Croatia and I go way back. It's over thirty years since I first visited Cavtat, a small tourist resort in what was then Yugoslavia, and over the years I've watched as the country fell apart, only for Croatia to re-emerge as a vibrant, independent country. What keeps drawing me back is not just the stunning coastline or the dry, charming people, but the unique traditions and culture, which survive however many tourists visit.
A trip to Croatia is about more than just the beaches and the clear blues skies. Here are my eight top tips for really getting to know the country, and make your holiday really memorable.
Visit a National Park
Croatia may be famous for its island-dotted coastline, but inland there are some spectacularly beautiful natural parks to visit. Most famous is the Plitvice National Park - the largest in Croatia and a UNESCO World Heritage site since 1979. Around two hours drive inland from Split, 73,000 acres of unspoilt countryside are dotted with sixteen, jewel coloured lakes that step down through the hills, linked by tumbling waterfalls. A network of paths and boardwalks link the lakes; come prepared to walk! Closer to the coast, the Krka National Park (around one hour's drive from Split) has seven spectacular waterfalls linked by the sparkling Krka River.
Learn the Lingo
Well, not the entire language, obviously; not least because Croatian might be the most impenetrable language on the planet. But a cheery dobar dan (good morning) and regular use of hvala (thank you) will go a long way to endear you to your hosts. The odd molim (please) isn't a bad idea either.
Eat Crni Rizoto
If you're holidaying anywhere in Dalmatia - from the island of Rab all the way down the coast to the Bay of Kotor - you're bound to find Crni Rizoto on every restaurant menu - black risotto. It's basically squid risotto; the kicker is that the sauce is made from squid ink - thus the colour. Sounds revolting? It's actually delicious, thick and sticky and surprisingly tasty. For more squeamish diners, the other classic (and less scary) dish to try is Mussels Bouzzara - shell-on mussels in a spicy tomato sauce.
Go on a Wine Tour
Croatian wines may not be a frequent sight in your local branch of Waitrose, but this is because most vineyards are small and produce only enough wine to sell locally, or within Croatia. But there are some wonderful wines to try, particularly in Istria, which has its own Wine Road, bringing together over 80 different winemakers, with many vineyards offering tastings to visitors. In Konavle, the southernmost region of Croatia, close to Dubrovnik, a small train takes visitors to several of the wine producers that dot the region.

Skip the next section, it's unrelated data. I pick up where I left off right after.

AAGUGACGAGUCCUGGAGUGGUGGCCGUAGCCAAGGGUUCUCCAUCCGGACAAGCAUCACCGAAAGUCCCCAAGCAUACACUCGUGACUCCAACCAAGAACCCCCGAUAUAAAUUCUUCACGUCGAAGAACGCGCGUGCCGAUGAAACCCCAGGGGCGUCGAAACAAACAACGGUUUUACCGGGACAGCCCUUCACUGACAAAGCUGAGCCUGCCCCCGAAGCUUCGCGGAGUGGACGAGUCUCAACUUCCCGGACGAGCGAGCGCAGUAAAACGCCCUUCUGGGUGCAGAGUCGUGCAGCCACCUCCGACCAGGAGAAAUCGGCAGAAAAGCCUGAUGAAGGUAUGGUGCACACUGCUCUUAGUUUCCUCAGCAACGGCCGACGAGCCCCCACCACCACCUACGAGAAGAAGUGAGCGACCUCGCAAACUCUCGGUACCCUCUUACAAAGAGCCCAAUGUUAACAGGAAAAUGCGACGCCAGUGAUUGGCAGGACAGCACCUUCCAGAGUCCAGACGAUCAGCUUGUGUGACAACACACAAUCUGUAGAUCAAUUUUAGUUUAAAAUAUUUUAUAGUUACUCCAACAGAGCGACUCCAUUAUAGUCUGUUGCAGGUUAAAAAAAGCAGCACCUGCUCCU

Learn a little history
Here comes the shameless plug; if you want to know more about the recent history of Croatia without ploughing through a dull guidebook, pick up a copy of The People We Were Before. The novel is set entirely in Croatia, and tells the story of a young boy growing up in pre-war Yugoslavia, and the tragic events that befall him and his family during the Croatian War of Independence in the early 1990's. Set in and around Dubrovnik, it gives an insight into what Croatians went through, just twenty-five years ago.
With a coastline flecked with over 1,000 islands, wherever you holiday in Croatia, one of the best ways to spend a day is to hop on a boat and indulge in a spot of island-hopping. From Dubrovnik, it's just twenty minutes to the beautiful, unpopulated island of Lokrum, or pretty Kolocep, while from Split it's easy to hop across to Hvar - Croatia's glitziest island - for a day trip. If you're staying in Istria, on the northern coast, the Birjuni Islands National Park is an easy trip from Pula.
Istria was part of Italy until the end of the Second World War, and that heritage is everywhere to be seen - particularly in the food. But the Croatian love of gelati extends throughout the country, so wherever you are you can indulge in lipsmacking, home-made ice-cream. In Dubrovnik, locals swear by Dolce Vita (Naljeskoviceva 1a), while in Rovinj, Gelateria Italia (Piazza Campitelli 60) is the top spot. If you're in Zagreb and happy to queue, drop by Vincek (Ilica 18), where the black chocolate is the answer to chocoholic's dreams.
Just don't take it home. One of those drinks that tastes fabulous on holiday (but will moulder away at the back of your drinks cupboard in the UK), Slivovicz belongs firmly in Croatia, where it slips down very nicely as an after-dinner tincture. Made from damson plums, it's available everywhere, but if you are offered the chance to try home-made Slivovicz, say yes - it tastes totally different. Just approach with caution; it's super-strong.
More info: croatia.hrSuggest a correction